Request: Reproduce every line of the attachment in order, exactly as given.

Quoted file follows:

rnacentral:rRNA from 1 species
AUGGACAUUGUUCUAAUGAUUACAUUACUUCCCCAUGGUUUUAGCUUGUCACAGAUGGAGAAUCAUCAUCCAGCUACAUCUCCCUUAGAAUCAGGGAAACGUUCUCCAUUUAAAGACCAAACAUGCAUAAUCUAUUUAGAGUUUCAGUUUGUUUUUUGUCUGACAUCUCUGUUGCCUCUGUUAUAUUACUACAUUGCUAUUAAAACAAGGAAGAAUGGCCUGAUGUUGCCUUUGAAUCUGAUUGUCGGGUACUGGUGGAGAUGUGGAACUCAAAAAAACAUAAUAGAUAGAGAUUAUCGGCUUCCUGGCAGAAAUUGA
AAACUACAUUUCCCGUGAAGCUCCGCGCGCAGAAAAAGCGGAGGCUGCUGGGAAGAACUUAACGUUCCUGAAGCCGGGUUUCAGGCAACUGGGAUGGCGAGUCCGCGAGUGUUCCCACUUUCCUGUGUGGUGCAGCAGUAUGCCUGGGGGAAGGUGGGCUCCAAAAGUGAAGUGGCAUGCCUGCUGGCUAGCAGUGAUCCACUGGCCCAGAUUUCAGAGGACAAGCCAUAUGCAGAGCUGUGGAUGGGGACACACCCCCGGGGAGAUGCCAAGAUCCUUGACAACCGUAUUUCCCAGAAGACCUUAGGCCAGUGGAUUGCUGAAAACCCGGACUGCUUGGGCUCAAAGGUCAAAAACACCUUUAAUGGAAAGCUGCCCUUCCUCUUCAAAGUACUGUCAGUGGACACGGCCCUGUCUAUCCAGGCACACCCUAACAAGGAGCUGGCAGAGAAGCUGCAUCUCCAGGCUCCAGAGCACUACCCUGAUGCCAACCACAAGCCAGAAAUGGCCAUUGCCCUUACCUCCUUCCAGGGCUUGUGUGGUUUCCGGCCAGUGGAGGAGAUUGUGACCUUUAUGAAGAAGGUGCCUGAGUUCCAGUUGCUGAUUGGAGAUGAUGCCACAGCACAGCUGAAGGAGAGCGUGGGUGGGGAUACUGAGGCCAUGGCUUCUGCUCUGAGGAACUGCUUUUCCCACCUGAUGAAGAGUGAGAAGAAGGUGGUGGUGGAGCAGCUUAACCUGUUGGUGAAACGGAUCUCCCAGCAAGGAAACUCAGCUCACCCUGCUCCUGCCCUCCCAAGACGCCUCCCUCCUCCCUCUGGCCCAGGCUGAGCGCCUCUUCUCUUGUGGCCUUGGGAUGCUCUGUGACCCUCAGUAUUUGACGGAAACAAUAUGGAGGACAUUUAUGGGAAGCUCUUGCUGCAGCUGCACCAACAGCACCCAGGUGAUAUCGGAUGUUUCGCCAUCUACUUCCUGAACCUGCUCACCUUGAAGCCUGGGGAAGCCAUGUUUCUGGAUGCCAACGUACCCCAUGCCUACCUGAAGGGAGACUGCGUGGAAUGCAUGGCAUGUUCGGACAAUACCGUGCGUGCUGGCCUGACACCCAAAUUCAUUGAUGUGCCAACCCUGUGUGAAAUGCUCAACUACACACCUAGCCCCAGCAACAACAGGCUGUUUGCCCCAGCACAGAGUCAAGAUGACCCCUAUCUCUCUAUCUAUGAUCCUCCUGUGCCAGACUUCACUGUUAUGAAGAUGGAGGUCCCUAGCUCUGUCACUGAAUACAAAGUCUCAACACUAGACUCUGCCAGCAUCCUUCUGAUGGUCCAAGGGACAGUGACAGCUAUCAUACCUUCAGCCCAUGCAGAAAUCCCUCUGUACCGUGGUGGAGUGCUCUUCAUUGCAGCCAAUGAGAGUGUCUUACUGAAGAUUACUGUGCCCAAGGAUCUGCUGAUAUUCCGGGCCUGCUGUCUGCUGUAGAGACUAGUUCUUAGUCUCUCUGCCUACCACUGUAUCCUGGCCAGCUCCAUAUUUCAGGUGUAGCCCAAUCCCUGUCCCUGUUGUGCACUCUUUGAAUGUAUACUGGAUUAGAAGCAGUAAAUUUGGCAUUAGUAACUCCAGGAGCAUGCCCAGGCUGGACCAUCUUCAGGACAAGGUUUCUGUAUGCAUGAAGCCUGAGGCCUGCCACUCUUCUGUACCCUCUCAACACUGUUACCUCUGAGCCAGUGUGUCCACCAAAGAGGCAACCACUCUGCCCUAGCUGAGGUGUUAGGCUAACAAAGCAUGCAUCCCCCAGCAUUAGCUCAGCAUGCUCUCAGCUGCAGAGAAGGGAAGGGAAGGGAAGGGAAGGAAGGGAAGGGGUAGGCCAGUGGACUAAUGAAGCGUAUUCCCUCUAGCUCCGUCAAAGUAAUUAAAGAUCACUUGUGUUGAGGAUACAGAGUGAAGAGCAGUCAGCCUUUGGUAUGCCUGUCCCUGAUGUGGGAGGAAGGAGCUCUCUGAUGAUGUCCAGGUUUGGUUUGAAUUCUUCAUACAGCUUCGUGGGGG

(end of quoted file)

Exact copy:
rnacentral:rRNA from 1 species
AUGGACAUUGUUCUAAUGAUUACAUUACUUCCCCAUGGUUUUAGCUUGUCACAGAUGGAGAAUCAUCAUCCAGCUACAUCUCCCUUAGAAUCAGGGAAACGUUCUCCAUUUAAAGACCAAACAUGCAUAAUCUAUUUAGAGUUUCAGUUUGUUUUUUGUCUGACAUCUCUGUUGCCUCUGUUAUAUUACUACAUUGCUAUUAAAACAAGGAAGAAUGGCCUGAUGUUGCCUUUGAAUCUGAUUGUCGGGUACUGGUGGAGAUGUGGAACUCAAAAAAACAUAAUAGAUAGAGAUUAUCGGCUUCCUGGCAGAAAUUGA
AAACUACAUUUCCCGUGAAGCUCCGCGCGCAGAAAAAGCGGAGGCUGCUGGGAAGAACUUAACGUUCCUGAAGCCGGGUUUCAGGCAACUGGGAUGGCGAGUCCGCGAGUGUUCCCACUUUCCUGUGUGGUGCAGCAGUAUGCCUGGGGGAAGGUGGGCUCCAAAAGUGAAGUGGCAUGCCUGCUGGCUAGCAGUGAUCCACUGGCCCAGAUUUCAGAGGACAAGCCAUAUGCAGAGCUGUGGAUGGGGACACACCCCCGGGGAGAUGCCAAGAUCCUUGACAACCGUAUUUCCCAGAAGACCUUAGGCCAGUGGAUUGCUGAAAACCCGGACUGCUUGGGCUCAAAGGUCAAAAACACCUUUAAUGGAAAGCUGCCCUUCCUCUUCAAAGUACUGUCAGUGGACACGGCCCUGUCUAUCCAGGCACACCCUAACAAGGAGCUGGCAGAGAAGCUGCAUCUCCAGGCUCCAGAGCACUACCCUGAUGCCAACCACAAGCCAGAAAUGGCCAUUGCCCUUACCUCCUUCCAGGGCUUGUGUGGUUUCCGGCCAGUGGAGGAGAUUGUGACCUUUAUGAAGAAGGUGCCUGAGUUCCAGUUGCUGAUUGGAGAUGAUGCCACAGCACAGCUGAAGGAGAGCGUGGGUGGGGAUACUGAGGCCAUGGCUUCUGCUCUGAGGAACUGCUUUUCCCACCUGAUGAAGAGUGAGAAGAAGGUGGUGGUGGAGCAGCUUAACCUGUUGGUGAAACGGAUCUCCCAGCAAGGAAACUCAGCUCACCCUGCUCCUGCCCUCCCAAGACGCCUCCCUCCUCCCUCUGGCCCAGGCUGAGCGCCUCUUCUCUUGUGGCCUUGGGAUGCUCUGUGACCCUCAGUAUUUGACGGAAACAAUAUGGAGGACAUUUAUGGGAAGCUCUUGCUGCAGCUGCACCAACAGCACCCAGGUGAUAUCGGAUGUUUCGCCAUCUACUUCCUGAACCUGCUCACCUUGAAGCCUGGGGAAGCCAUGUUUCUGGAUGCCAACGUACCCCAUGCCUACCUGAAGGGAGACUGCGUGGAAUGCAUGGCAUGUUCGGACAAUACCGUGCGUGCUGGCCUGACACCCAAAUUCAUUGAUGUGCCAACCCUGUGUGAAAUGCUCAACUACACACCUAGCCCCAGCAACAACAGGCUGUUUGCCCCAGCACAGAGUCAAGAUGACCCCUAUCUCUCUAUCUAUGAUCCUCCUGUGCCAGACUUCACUGUUAUGAAGAUGGAGGUCCCUAGCUCUGUCACUGAAUACAAAGUCUCAACACUAGACUCUGCCAGCAUCCUUCUGAUGGUCCAAGGGACAGUGACAGCUAUCAUACCUUCAGCCCAUGCAGAAAUCCCUCUGUACCGUGGUGGAGUGCUCUUCAUUGCAGCCAAUGAGAGUGUCUUACUGAAGAUUACUGUGCCCAAGGAUCUGCUGAUAUUCCGGGCCUGCUGUCUGCUGUAGAGACUAGUUCUUAGUCUCUCUGCCUACCACUGUAUCCUGGCCAGCUCCAUAUUUCAGGUGUAGCCCAAUCCCUGUCCCUGUUGUGCACUCUUUGAAUGUAUACUGGAUUAGAAGCAGUAAAUUUGGCAUUAGUAACUCCAGGAGCAUGCCCAGGCUGGACCAUCUUCAGGACAAGGUUUCUGUAUGCAUGAAGCCUGAGGCCUGCCACUCUUCUGUACCCUCUCAACACUGUUACCUCUGAGCCAGUGUGUCCACCAAAGAGGCAACCACUCUGCCCUAGCUGAGGUGUUAGGCUAACAAAGCAUGCAUCCCCCAGCAUUAGCUCAGCAUGCUCUCAGCUGCAGAGAAGGGAAGGGAAGGGAAGGGAAGGAAGGGAAGGGGUAGGCCAGUGGACUAAUGAAGCGUAUUCCCUCUAGCUCCGUCAAAGUAAUUAAAGAUCACUUGUGUUGAGGAUACAGAGUGAAGAGCAGUCAGCCUUUGGUAUGCCUGUCCCUGAUGUGGGAGGAAGGAGCUCUCUGAUGAUGUCCAGGUUUGGUUUGAAUUCUUCAUACAGCUUCGUGGGGG